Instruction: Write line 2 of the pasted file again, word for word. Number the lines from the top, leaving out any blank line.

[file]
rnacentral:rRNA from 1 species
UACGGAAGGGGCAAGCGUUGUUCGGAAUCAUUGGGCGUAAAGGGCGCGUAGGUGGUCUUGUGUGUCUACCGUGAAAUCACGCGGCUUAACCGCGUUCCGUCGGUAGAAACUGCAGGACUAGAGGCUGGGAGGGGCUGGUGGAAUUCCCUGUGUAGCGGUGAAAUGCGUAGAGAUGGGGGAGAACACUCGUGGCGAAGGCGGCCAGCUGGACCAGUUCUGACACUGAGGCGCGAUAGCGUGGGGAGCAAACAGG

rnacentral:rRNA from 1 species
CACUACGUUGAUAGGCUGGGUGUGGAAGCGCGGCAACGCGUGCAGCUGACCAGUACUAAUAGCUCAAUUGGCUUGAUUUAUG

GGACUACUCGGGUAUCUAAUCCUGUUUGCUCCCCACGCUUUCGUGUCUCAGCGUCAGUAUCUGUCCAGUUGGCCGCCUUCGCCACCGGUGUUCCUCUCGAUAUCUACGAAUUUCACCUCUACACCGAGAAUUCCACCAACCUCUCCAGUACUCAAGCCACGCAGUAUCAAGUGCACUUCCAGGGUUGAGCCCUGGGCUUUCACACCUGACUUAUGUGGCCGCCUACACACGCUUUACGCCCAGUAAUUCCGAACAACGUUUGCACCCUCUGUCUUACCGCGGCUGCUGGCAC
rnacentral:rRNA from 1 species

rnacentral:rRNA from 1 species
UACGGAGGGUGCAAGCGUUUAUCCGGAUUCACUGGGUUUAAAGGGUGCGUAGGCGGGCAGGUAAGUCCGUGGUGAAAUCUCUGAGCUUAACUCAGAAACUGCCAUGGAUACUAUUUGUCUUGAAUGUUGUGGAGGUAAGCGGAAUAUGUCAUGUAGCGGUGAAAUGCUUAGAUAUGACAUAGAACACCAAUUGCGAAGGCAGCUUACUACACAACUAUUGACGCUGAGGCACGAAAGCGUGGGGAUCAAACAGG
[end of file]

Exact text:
UACGGAAGGGGCAAGCGUUGUUCGGAAUCAUUGGGCGUAAAGGGCGCGUAGGUGGUCUUGUGUGUCUACCGUGAAAUCACGCGGCUUAACCGCGUUCCGUCGGUAGAAACUGCAGGACUAGAGGCUGGGAGGGGCUGGUGGAAUUCCCUGUGUAGCGGUGAAAUGCGUAGAGAUGGGGGAGAACACUCGUGGCGAAGGCGGCCAGCUGGACCAGUUCUGACACUGAGGCGCGAUAGCGUGGGGAGCAAACAGG